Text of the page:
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Clearwater Beacon
Voters get to meet the candidates
Five candidates are vying for the two available seats on the Clearwater City Council
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Article published on Monday, Jan. 20, 2014
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CLEARWATER – On the evening of Jan. 15, Clearwater voters got to meet the five men vying to fill the two Clearwater City Council seats that are up for grabs in the upcoming election.

It wasn’t quite standing-room-only, but there were few vacant seats in the Salvation Army’s Joy Center.

Incumbent Councilmember Bill Jonson is defending his Seat 4 against challenges from David Allbritton and Konrad McCree Jr. Hoyt Hamilton and Jon-Paul Rosa are competing for the Seat 5 that Councilmember Paul Gibson is vacating because of term limits.

Jonson, 69, is a Countryside resident, Vietnam-era Army veteran and retired Honeywell project manager. He gained a reputation as the city’s most ardent crusader against unsightly billboards and, except for a three-year hiatus required by term limits, has served on the City Council since 2001.

He is president of the Suncoast League of Cities, chairman of the board of the Courtney Campbell Scenic Highway organization, vice-chairman of the board of the Pinellas Suncoast Transit Authority, and serves on the boards of the Florida League of Cities and Science America, Inc.

He lists basic city infrastructure, economic development and transportation among his top priorities.

Allbritton, 63, is an Island Estates resident who was born in Clearwater and has his own construction company. He is president of the Clearwater Historical Society, vice-president of Prospect Towers and the Island Estates Civic Association, and chairman of the Clearwater Downtown Development Board. He also serves on the board of Clearwater Senior Citizens Services, Inc. and is a member of the Clearwater Neighborhoods Association.

His priorities include making sure that Clearwater has a “strong environment for business and jobs,” healthy and vital neighborhoods, a stronger transportation network, and “effective and efficient city services.”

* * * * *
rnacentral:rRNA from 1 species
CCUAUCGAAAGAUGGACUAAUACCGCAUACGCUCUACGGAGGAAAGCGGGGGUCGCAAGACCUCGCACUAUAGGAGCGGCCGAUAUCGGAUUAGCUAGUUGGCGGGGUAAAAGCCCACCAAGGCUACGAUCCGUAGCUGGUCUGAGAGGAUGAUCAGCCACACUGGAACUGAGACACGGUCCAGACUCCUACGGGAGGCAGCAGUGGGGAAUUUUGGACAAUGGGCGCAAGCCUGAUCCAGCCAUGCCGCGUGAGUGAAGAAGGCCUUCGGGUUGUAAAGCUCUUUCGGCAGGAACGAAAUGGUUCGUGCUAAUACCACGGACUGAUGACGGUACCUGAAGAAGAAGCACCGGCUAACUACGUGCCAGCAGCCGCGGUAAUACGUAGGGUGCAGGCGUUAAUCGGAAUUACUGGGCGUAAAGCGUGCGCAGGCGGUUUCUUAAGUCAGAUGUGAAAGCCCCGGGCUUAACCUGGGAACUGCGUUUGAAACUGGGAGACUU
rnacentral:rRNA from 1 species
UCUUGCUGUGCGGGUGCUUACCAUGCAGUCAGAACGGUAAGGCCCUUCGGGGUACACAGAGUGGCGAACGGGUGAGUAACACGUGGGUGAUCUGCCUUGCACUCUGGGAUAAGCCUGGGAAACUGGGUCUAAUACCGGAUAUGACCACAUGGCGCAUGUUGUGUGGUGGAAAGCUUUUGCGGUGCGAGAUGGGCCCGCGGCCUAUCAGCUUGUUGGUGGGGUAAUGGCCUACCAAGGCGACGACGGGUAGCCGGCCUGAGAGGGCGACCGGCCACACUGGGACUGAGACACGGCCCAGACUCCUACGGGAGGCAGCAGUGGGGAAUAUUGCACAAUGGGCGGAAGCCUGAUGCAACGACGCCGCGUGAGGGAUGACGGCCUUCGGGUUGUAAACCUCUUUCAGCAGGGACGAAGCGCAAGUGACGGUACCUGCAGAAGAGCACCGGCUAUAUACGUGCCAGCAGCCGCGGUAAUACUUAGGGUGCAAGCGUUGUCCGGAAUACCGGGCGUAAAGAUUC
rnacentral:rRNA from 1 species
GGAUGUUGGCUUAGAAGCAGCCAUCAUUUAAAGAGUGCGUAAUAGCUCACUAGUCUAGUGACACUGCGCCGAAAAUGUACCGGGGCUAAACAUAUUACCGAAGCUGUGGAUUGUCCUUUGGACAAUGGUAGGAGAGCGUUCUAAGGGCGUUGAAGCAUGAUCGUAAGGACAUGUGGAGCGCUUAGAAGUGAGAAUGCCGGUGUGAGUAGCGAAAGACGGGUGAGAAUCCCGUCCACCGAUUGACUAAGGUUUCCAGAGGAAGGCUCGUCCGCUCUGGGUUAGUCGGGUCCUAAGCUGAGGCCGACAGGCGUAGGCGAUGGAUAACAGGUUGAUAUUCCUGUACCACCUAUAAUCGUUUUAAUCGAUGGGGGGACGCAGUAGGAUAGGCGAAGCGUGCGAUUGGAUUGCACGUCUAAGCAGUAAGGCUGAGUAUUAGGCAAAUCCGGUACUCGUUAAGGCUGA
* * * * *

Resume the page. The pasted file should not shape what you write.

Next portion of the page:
McCree, 29, is a Clearwater native, businessman and pastor. As the father of three young children, he worries that “Clearwater is a very different place than when (he) grew up here,” so he decided to run for the seat currently occupied by Jonson in hopes of seeing that Clearwater remains a place that families are able to afford and call home. As an African-American, he would also bring diversity to the council, which is currently all white.

Attracting small businesses, aiding in downtown development, ensuring that the city allocates sufficient funding to its parks and recreational facilities, and bringing “fresh vision” to city government are among McCree’s priorities.

Hamilton, 55, has family roots is Clearwater that extend back nearly a century. He and his brothers are partners in the Palm Pavilion and Palm Pavilion Inn on Clearwater Beach. He recently returned from Atlanta, where he had lived for the past four years while his sons were in college there.

He served on the Clearwater City Council from 2001 to 2006 and has served on numerous boards, as well as coaching Little League Baseball.

He said that fresh ideas come from the residents and his priority as a councilmember would be to implement those ideas for the purpose of making Clearwater “a safe, healthy environment for families and businesses alike.” Curtailing the spiraling cost of flood insurance and keeping neighborhoods safe were among the other priorities he mentioned.

Rosa, 30, is a Pinellas County native and a recent Army veteran who served three tours as an intelligence analyst in Afghanistan. He says that if elected to the council, he will “promote an environment where businesses can prosper, opportunities are created and all families are treated with dignity and respect.”

Improving public transportation, bettering parks and community centers, and promoting an environment where business can prosper and opportunities are created are among Rosa’s other priorities.

The election is Tuesday, March 11. The winners will serve for four years and be paid $20,225 a year.

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Article published on Monday, Jan. 20, 2014
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